How to Make Bracelets with Beads: How-Tos and Guides

How to Make Bracelets with Beads: How-Tos and Guides

Have you been working hard to learn how to make bracelets with beads? Bracelets with beads have been with us for thousands of years, and bracelets generally have been around for the same span. However, beaded bracelets are among humankind’s first pieces of jewelry. Today, we continue to see a renewed interest in making a charm bracelet with beads using different methods and materials.

A Short History of Beaded Bracelets

Bracelets and other forms of jewelry were reportedly widely worn for ritual and decoration sometime around 7000 BCE. Archaeologists have uncovered that people in ancient Mesopotamia, Egypt, and China wore bracelets as status symbols. They were constructed from various natural materials, including shells, grasses, and skinny tree branches.

After this period (roughly 2000 B.C.E. to 1400 B.C.E.), bracelets were typically crafted from copper and bronze, and later, skilled artisans fashioned them from silver and gold. These bracelets, embellished with stones and shells, were undoubtedly more aesthetically pleasing. At this time, jewelry started being used as a powerful symbol of status, power, and wealth.

Ancient Egyptians wore silver and gold bracelets set with semiprecious stones during the First Dynasty. Bracelets with inlaid patterns made from African gemstones were commonly worn by nobility in the New Kingdom. Even though many bracelets have been discovered in tombs over the past century, historians believe these bracelets served purely aesthetic purposes rather than any ritual.

Films and artworks in Greece typically show ancient Greeks with cuffs on their lower and upper arms. Metal and leather cuffs were worn on soldiers’ arms for protection, and these cuffs resembled bracelets of the modern era. Historians generally agree that the Romans were the first to popularize the practice of wearing coiled gold bangles, often fashioned in the shape of snakes. Bracelets were popular among both sexes during this time, as the style of jewelry that originated in the Mediterranean eventually made its way across Europe.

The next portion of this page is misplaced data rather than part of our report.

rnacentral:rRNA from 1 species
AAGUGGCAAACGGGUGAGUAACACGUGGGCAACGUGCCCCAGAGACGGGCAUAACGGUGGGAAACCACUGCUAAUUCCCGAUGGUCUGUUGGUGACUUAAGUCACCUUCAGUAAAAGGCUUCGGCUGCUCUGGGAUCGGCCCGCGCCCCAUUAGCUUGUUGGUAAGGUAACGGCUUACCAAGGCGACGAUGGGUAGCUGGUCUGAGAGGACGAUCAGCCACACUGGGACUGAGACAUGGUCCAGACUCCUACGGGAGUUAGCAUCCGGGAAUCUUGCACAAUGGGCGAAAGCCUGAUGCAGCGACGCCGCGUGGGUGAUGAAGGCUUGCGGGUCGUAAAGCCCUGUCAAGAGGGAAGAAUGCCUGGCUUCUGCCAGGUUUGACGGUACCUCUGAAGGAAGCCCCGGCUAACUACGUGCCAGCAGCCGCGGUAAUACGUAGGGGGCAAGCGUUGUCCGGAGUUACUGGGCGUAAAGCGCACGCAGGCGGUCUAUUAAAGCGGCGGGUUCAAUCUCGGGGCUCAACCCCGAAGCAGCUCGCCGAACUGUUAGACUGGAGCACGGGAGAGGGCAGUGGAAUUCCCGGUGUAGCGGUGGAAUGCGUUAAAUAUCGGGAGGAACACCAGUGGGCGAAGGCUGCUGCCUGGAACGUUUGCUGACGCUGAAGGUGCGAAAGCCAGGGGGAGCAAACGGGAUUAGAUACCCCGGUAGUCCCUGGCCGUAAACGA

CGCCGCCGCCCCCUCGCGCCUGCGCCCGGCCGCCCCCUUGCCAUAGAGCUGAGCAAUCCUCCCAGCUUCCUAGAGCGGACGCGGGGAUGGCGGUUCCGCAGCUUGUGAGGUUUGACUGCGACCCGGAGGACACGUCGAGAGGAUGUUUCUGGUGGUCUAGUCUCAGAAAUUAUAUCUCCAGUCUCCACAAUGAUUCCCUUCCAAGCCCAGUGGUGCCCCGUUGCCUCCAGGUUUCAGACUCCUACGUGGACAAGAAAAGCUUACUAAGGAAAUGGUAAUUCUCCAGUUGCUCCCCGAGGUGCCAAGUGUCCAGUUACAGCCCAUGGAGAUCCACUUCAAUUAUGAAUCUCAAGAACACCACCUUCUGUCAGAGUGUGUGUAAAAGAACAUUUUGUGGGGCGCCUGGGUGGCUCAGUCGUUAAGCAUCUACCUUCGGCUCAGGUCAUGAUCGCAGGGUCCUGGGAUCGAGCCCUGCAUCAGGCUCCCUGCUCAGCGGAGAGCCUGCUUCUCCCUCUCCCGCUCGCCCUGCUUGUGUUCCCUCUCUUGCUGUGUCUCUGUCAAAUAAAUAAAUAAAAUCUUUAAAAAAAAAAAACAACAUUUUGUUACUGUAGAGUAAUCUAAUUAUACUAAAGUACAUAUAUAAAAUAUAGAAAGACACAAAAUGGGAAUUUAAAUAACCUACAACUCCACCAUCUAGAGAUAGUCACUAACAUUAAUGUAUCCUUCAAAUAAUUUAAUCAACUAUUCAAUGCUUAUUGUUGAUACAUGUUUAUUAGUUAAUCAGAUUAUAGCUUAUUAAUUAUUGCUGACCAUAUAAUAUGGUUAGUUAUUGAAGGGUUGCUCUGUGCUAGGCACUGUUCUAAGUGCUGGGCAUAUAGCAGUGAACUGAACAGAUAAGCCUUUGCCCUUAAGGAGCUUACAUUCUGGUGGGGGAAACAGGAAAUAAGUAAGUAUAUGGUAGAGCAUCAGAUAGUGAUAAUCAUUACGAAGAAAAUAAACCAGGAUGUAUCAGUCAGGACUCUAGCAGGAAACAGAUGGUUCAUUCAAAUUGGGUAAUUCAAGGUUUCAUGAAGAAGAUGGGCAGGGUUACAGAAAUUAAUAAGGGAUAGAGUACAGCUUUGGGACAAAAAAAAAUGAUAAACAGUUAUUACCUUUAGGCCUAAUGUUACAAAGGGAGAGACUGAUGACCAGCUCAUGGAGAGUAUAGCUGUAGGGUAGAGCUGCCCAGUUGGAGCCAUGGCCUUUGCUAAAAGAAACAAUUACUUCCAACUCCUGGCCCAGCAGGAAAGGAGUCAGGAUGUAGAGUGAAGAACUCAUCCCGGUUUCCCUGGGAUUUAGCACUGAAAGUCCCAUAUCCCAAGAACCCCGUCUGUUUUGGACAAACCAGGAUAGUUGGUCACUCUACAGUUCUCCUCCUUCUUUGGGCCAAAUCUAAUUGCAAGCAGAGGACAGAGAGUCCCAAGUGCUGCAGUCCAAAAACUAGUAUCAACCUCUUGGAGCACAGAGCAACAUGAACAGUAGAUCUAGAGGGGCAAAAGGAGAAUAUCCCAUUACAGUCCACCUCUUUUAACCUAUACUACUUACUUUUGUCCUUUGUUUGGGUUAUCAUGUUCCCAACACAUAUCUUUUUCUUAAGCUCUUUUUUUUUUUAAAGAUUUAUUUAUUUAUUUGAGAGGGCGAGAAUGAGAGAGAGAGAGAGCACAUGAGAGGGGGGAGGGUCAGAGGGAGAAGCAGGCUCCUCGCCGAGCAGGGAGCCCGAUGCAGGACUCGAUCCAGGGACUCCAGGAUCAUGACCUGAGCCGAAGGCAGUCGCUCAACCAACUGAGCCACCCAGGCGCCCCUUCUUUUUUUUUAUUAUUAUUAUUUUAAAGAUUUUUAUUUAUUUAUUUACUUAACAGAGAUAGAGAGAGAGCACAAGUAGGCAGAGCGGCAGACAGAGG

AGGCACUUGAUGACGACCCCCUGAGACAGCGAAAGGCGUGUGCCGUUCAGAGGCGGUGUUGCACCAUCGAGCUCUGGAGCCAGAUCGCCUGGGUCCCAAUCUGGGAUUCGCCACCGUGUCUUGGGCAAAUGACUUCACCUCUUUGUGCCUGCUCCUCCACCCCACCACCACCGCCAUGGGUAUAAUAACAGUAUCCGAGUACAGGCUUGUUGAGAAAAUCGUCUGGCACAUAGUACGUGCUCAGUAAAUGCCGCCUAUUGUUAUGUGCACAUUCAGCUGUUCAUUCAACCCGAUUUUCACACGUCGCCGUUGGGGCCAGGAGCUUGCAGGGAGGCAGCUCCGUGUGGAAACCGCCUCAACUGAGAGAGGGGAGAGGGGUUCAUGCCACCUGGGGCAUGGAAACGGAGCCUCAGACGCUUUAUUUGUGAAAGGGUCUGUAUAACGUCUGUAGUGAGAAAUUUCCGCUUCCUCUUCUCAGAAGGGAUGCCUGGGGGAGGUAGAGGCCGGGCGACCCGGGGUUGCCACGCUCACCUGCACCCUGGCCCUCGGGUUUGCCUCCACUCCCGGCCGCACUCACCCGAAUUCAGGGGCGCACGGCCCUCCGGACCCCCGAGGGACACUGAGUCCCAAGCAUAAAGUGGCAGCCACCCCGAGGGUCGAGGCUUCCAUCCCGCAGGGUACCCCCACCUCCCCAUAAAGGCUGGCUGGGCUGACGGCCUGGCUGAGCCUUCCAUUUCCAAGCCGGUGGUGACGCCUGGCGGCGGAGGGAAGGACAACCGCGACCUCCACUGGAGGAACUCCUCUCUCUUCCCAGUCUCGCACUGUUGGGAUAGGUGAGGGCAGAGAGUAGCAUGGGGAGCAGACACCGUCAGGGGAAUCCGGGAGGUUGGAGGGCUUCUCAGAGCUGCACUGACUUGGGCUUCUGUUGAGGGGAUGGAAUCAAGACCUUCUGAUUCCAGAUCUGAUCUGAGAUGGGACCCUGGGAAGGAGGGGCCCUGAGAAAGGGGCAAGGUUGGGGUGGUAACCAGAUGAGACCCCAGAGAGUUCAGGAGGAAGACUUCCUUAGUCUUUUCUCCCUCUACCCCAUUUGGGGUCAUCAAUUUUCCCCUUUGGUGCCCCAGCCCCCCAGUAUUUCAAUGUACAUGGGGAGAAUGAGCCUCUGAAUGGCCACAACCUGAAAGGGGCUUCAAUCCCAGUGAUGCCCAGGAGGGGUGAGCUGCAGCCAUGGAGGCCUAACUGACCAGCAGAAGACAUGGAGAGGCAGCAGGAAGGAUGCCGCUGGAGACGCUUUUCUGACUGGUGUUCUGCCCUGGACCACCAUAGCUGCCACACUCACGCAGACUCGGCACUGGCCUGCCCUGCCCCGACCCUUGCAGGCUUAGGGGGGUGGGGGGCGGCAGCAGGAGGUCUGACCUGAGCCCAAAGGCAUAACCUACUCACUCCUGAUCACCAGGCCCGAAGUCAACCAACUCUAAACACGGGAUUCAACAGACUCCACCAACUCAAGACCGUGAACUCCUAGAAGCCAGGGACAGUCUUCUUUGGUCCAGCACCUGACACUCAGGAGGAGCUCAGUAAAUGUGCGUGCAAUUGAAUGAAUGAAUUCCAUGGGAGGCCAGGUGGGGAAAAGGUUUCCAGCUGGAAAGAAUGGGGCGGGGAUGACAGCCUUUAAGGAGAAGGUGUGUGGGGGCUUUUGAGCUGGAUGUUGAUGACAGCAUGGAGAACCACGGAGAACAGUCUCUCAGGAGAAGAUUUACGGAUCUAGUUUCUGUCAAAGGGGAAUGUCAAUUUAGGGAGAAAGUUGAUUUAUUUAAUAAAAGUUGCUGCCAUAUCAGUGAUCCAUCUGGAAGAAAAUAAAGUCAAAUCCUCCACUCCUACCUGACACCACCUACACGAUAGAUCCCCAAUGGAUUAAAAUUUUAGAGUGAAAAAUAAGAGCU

Jade bangles and cuffs carved with exquisite detail have been discovered in China dating back to at least 2000 B.C. Gold bracelets etched with intricate designs of animals, mythical creatures, and nature was highly prized in ancient China. At the same time, gold bracelets were widely worn in India. However, the region is more interested in wearing strands of metal and glass beads in bright colors these days.

Bracelet styles never seen before by shoppers didn’t appear until the 20th century. In addition, mass production of bracelets meant that more people than ever could take advantage of the trend and join in on the fun. After the turn of the century, bracelets became more straightforward, with the Art Deco era favoring sleek, geometric forms. Finally, in the 1930s, designers shrewdly catered to teenagers by adding Bakelite and plastics to bracelets, creating plastic bangles that were a hit.

During the 1950s, bracelets made of gold-plated brass or sterling silver were trendy. In contrast, bracelet enthusiasts in the 1970s and later wished for more options by the turn of the century. Beaded strands, wide cuffs, and thin chains became the newest symbol of power and sophistication. In addition, men’s interest in bracelets resurged around this time, with men typically donning sterling silver or gold link chains.

Now that you know more of the origins of bracelets (and not just the ones made exclusively with different kinds of beads) let’s head over to the guides that will help you accomplish more when you sit down to work on your beading projects!

1. Understanding and Selecting the Right Jewelry-Making Beads

The three main classes of beads used for D.I.Y. charm bracelets and other kinds of bracelets and even necklaces are gem beads, glass beads, and metal beads. Gem beads have beautiful natural colors complement designs with plenty of creative flairs. The lighter colors are perfect for expressing youthfulness and charm. You’ll want to master them all if you want to be adept at making bracelets with beads.